In response to my post this weekend regarding Justice Ginsburg, Demosthenes commented that “Justice Ginsburg is a cool character, there’s no doubt about that. People underestimate her at their own peril.”  Those words resonated with me. Indeed, you know the feeling of astonishment when something reveals itself and you think, “How obvious!”

I am sorry if this seems weird, but you have probably become accustomed to the weird if you read this blog.  But here’s the deal: Ginsburg looks and acts like my grandmother, Almeda. In many ways, my grandmother, who I adored, was much like Ginsburg. Extraordinarily smart and tough, but tiny and frail too.

I remember my grandmother explaining why her little left arm was withered and why she had only a claw for a left hand. After falling and breaking her arm, and suffering an open fracture, she was taken to the hospital in an ambulance drawn by horses. When the doctor set the fracture, he made a mistake. Among other things, her wrist was fixed inward and the five fingers on her left hand were entirely immobile and permanently flexed. For the many decades that followed, Almeda would negotiate life like a small bird with a busted wing.

Several years after she turned 90, my uncle called and asked me to come out to California to see Almeda. He wanted me to talk her into going into a retirement place because, although she was cognitively as bright as ever, her gait was becoming unsteady and with only one arm he feared what would happen if she fell. As the oldest grandson (I was 40 then), George, my uncle, thought Almeda might listen to me.

After I arrived, Almeda, who by then was 93 or something of that vintage, made us drinks.  She had a gin martini. She smoked her one cigarette for the day as we talked and drank on her patio. She said she knew why I had come, but she wasn’t moving. And that was that. So we spent the weekend talking about books and politics. On Sunday morning, before I was to leave, we shared the Sunday LA Times over English muffins, real butter and coffee.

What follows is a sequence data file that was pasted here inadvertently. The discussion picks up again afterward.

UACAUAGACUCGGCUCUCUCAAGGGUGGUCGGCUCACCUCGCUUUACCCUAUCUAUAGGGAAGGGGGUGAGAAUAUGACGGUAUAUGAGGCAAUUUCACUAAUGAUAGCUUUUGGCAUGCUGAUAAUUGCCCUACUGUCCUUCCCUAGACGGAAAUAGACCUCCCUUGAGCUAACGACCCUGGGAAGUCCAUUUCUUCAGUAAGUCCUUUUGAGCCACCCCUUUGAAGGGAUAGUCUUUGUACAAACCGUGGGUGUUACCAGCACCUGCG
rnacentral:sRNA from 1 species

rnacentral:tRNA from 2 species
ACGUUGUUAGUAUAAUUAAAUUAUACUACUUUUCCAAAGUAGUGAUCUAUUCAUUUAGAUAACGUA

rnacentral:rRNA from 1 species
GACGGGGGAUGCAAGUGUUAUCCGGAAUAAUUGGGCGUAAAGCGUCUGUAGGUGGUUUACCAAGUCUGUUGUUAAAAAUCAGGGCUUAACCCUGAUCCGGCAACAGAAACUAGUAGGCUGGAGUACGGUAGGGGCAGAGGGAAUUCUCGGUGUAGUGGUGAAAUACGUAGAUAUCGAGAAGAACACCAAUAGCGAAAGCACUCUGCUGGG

And that’s why the talk of Ginsburg at 80 being too old really pisses me off. I shoulda known. Thanks for prompting the insight Demo!*


*Demosthenes is a helluva good writer.  With other excellent writers, he also blogs about the practice of law in South Florida at Attorneys at Blah a not so judicious journal of law and life in South Florida.

10 responses

  1. Marc,

    I am not close enough to the Academy to know whether the political science professor was correct 15 years ago or whether his or her view is correct today. That is, I don’t know whether it is true as an empirical matter that the law schools drain the talent pool for science, engineering and the humanities. (I do know that in 1969 I turned down a scholarship offer to pursue a Phd in political science at Big 10 graduate school in order to attend law school on a scholarship at Nebraska.)

    My son is a relatively newly minted Phd and an academic biologist in Australia. He is now a research fellow at a University. I know that tenure track faculty positions in the US and every place else are scarce as hens teeth and young academics have extraordinary trouble supporting themselves for the 10 plus years it takes after their doctorates to find a secure job. I doubt, however, that law schools are the cause of that problem.